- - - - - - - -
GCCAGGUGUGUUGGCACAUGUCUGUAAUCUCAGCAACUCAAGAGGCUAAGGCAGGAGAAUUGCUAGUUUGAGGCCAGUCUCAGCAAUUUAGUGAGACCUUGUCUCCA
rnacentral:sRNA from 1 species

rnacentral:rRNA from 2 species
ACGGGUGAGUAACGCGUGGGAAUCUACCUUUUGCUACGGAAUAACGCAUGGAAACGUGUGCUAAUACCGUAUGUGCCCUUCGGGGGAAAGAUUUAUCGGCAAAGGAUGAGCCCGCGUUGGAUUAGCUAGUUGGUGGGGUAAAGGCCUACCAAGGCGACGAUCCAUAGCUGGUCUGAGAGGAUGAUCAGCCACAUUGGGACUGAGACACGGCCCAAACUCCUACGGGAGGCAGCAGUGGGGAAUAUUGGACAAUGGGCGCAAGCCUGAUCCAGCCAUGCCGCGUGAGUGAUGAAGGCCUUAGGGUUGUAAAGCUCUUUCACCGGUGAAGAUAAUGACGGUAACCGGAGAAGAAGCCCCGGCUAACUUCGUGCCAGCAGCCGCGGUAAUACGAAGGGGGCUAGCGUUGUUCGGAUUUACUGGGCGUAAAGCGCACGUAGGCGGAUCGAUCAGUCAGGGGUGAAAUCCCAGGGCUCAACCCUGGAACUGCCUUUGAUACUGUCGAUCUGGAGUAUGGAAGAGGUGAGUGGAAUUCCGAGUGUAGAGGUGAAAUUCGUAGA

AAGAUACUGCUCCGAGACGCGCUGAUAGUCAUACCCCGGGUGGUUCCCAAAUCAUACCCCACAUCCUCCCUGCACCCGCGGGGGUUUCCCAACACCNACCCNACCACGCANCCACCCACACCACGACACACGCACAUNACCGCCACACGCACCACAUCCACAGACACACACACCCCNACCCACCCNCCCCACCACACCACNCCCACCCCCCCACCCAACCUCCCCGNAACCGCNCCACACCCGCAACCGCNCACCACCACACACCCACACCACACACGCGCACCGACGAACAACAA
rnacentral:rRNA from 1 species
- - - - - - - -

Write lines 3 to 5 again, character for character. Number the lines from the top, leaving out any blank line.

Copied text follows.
rnacentral:rRNA from 2 species
ACGGGUGAGUAACGCGUGGGAAUCUACCUUUUGCUACGGAAUAACGCAUGGAAACGUGUGCUAAUACCGUAUGUGCCCUUCGGGGGAAAGAUUUAUCGGCAAAGGAUGAGCCCGCGUUGGAUUAGCUAGUUGGUGGGGUAAAGGCCUACCAAGGCGACGAUCCAUAGCUGGUCUGAGAGGAUGAUCAGCCACAUUGGGACUGAGACACGGCCCAAACUCCUACGGGAGGCAGCAGUGGGGAAUAUUGGACAAUGGGCGCAAGCCUGAUCCAGCCAUGCCGCGUGAGUGAUGAAGGCCUUAGGGUUGUAAAGCUCUUUCACCGGUGAAGAUAAUGACGGUAACCGGAGAAGAAGCCCCGGCUAACUUCGUGCCAGCAGCCGCGGUAAUACGAAGGGGGCUAGCGUUGUUCGGAUUUACUGGGCGUAAAGCGCACGUAGGCGGAUCGAUCAGUCAGGGGUGAAAUCCCAGGGCUCAACCCUGGAACUGCCUUUGAUACUGUCGAUCUGGAGUAUGGAAGAGGUGAGUGGAAUUCCGAGUGUAGAGGUGAAAUUCGUAGA

AAGAUACUGCUCCGAGACGCGCUGAUAGUCAUACCCCGGGUGGUUCCCAAAUCAUACCCCACAUCCUCCCUGCACCCGCGGGGGUUUCCCAACACCNACCCNACCACGCANCCACCCACACCACGACACACGCACAUNACCGCCACACGCACCACAUCCACAGACACACACACCCCNACCCACCCNCCCCACCACACCACNCCCACCCCCCCACCCAACCUCCCCGNAACCGCNCCACACCCGCAACCGCNCACCACCACACACCCACACCACACACGCGCACCGACGAACAACAA